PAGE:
But the other option? Personally, if So Weird wanted to continue with a third season that would’ve tried to push as many boundaries as the first two seasons had, it could’ve…

A. …gone for broke and continued Fi's story as it meant to do, with Fi descending into Hell to rescue her father, even if it meant that Cara DeLizia would've had to hold it off for another year to make the show end properly. It would also have meant that Disney Channel would've had to take some risks with it, not that it's something it should be ashamed of trying, anyway. Or it could've…

B. …started 100% fresh and introduced an entirely new ensemble of characters and locations into the equation, not just Annie Thelen, her globetrotting experiences, her musical talents, and her panther spirit.

And I mean it about the last consideration. As I pointed out, Annie’s side of the story concerned her travels across the world, as opposed to just across the country, like in Fi’s case. So, that showed nothing but promise as to what stories the show could’ve told if it went that direction while still maintaining its themes in this otherwise unexplored territory. Plus, it would’ve put Annie Thelen on par with such characters as Indiana Jones or Kim Possible. Before Kim Possible would’ve made it a thing! Sure, the original proposition for So Weird’s third season would’ve been incredible, but this sounds like an equally incredible third season with tons of potential if that’s where the writers could’ve taken the show.

If you think that’s not a good idea for the show, think about this: Digimon, one of the most popular children’s shows on the air back then, shifted to new characters in-between seasons. Even FX’s Fargo, which I enjoy, did the same thing and achieved incredible results. Maybe, just maybe, So Weird would’ve benefited the same way if the writers so chose.

For what we got, So Weird’s third season was undeniably not as good as its first two seasons. But as a continuing season, it was more confused than bad.

The third season tried to find its footing after dealing with significant crew readjustments the show didn’t prepare for. In so doing, it scrambled to establish the core elements that made the show a hit while imbuing them with details that Disney Channel and the show’s crew hoped would’ve drawn more viewers in. It felt like it tried to understand how to get a handle on the new tonal and narrative directions it was asked to take. Yet, with its paranormal activities and characters, it still held onto the core values that made the show a hit in the first place to help it stand apart from all the other shows on the air back then. Apparently, it tried to mesh them together, but rather than allowing them to lay forth an exciting new chapter of ‘So Weird’, it instead treaded forth with what it had and went all out with it. The result, simply put, was just a feeble mess.

Regardless, So Weird was a fascinating show that pushed boundaries as to what it could squeeze in underneath the label of something like Disney Channel. In doing so, it introduced a slew of engaging characters with intriguing stories that only deepened what it started with. And the paranormal investigations carried nothing but intrigue. At first, it did so because of the generally unusual nature of these discoveries. But then, once the characters became more firmly established, they took on a more exciting route when they had more personal connections with the paranormal subjects than we’d ever thought possible. It accomplished that to remarkable effect with Fi’s story, and after its shakeup, it still carried some semblance of that method as it introduced Annie Thelen into the group next. In a way, So Weird continued to pull some tricks up its sleeve even when it was expected to follow a different map from the one it meant to follow.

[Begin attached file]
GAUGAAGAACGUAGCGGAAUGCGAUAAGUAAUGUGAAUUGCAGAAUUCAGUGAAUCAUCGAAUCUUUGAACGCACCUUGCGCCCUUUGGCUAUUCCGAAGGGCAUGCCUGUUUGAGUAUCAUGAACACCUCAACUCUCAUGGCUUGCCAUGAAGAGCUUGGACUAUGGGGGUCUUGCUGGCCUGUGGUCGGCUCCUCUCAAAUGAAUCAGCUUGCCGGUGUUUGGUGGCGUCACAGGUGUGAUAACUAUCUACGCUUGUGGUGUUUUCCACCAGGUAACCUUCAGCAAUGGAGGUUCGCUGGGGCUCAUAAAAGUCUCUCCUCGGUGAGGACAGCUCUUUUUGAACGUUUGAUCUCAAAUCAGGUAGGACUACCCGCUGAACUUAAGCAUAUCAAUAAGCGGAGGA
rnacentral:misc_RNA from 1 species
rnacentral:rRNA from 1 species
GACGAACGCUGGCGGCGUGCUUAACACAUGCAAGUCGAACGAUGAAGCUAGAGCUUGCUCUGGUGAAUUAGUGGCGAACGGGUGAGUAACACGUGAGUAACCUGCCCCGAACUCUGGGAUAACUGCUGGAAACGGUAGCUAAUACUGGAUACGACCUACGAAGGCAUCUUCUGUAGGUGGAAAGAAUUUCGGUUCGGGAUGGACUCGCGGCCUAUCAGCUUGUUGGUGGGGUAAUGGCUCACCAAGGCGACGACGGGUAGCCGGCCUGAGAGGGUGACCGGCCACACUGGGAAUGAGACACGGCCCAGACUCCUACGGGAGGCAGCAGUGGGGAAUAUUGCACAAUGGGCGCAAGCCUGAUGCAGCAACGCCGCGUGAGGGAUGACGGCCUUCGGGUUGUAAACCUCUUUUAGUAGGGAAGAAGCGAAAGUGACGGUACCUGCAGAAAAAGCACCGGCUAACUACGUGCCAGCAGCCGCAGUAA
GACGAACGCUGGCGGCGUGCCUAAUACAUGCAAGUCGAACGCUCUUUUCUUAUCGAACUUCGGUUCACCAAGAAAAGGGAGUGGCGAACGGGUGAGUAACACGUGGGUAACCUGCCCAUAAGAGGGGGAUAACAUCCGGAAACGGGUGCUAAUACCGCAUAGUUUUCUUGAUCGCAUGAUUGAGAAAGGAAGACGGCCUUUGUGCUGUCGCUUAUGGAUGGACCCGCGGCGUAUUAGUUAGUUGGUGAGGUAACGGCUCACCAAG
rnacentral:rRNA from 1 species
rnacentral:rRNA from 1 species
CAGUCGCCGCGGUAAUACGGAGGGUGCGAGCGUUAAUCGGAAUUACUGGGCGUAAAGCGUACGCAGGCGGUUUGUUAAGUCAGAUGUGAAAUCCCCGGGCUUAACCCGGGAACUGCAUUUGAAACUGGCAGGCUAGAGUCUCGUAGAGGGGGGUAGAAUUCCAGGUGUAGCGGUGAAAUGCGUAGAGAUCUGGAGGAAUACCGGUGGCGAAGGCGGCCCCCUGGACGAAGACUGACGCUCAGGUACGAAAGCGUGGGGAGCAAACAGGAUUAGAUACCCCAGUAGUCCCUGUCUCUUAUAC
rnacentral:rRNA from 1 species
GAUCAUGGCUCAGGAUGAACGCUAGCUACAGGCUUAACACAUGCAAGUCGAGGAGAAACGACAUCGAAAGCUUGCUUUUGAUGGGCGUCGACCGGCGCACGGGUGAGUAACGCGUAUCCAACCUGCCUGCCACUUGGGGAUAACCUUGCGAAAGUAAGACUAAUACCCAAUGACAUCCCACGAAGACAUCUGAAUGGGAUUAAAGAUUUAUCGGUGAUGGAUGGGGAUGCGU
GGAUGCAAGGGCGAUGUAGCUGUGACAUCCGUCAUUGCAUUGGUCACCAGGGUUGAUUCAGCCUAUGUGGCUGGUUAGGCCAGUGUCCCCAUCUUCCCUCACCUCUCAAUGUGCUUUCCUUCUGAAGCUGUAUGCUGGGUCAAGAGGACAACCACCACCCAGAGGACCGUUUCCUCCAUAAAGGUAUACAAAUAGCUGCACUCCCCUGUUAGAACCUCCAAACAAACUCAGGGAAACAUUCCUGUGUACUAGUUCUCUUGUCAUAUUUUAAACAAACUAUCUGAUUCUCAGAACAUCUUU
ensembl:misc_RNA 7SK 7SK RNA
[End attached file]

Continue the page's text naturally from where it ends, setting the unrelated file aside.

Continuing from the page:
Whether you’re lunging in for Fi or even for Annie, get ready for some eye-opening, genuinely engaging explorations of the unknown from one of the least likely of places.

Season’s Rating

A low B

Series’ Rating


Additional Thoughts

— Quick spoiler alert unless you’ve seen ‘Gone Fishin”, but the monster lurking within the lake turned out to be a human being who was a former resident of a village that was drowned out when a dam was constructed to form the lake. He was creepy, and it shed light on who the real monsters were in this episode. But how he survived the flooding, plus developing gills on his neck like the humans in ‘Waterworld’, that’s another story.

— During an interview, Alexz Johnson recounted a story where she not only kept a stuffed panther with her after finishing up ‘So Weird”, but she also acted alongside a real-life panther while working on the show. I ought to give Alexz credit for letting Annie act so naturally and realistically when in the presence of a panther, spiritual or otherwise.

— As this is the last season of So Weird, I will miss sharing my thoughts on this show as I go along, just like I did with Andi Mack. So, as a farewell to one of the most breathtaking shows from Disney Channel, here’s a list of my top 20 favorite episodes of the show:

  1. Banshee

  2. Twin

  3. Strange Geometry

  4. Lost

  5. Will 'o the Wisp

  6. Nightmare

  7. Second Generation

  8. Rebecca

  9. Destiny

  10. Angel

  11. Fountain

  12. Vampire

  13. Siren

  14. Lightning Rod

  15. Singularity

  16. Fall

  17. Annie's Song

  18. Listen

  19. Roswell

  20. Sacrifice


  • Encore

  • James Gaar

  • Family Reunion

  • The Muse

  • Web Sight

Works Cited

"The So Weird Podcast – Episode 59 Jon Cooksey (Head Writer/Showrunner) Interview". The So Weird Podcast, 8 Jan., 2019

"The So Weird Podcast – Episode 71 Alexz Johnson Interview". The So Weird Podcast, 20 Aug., 2019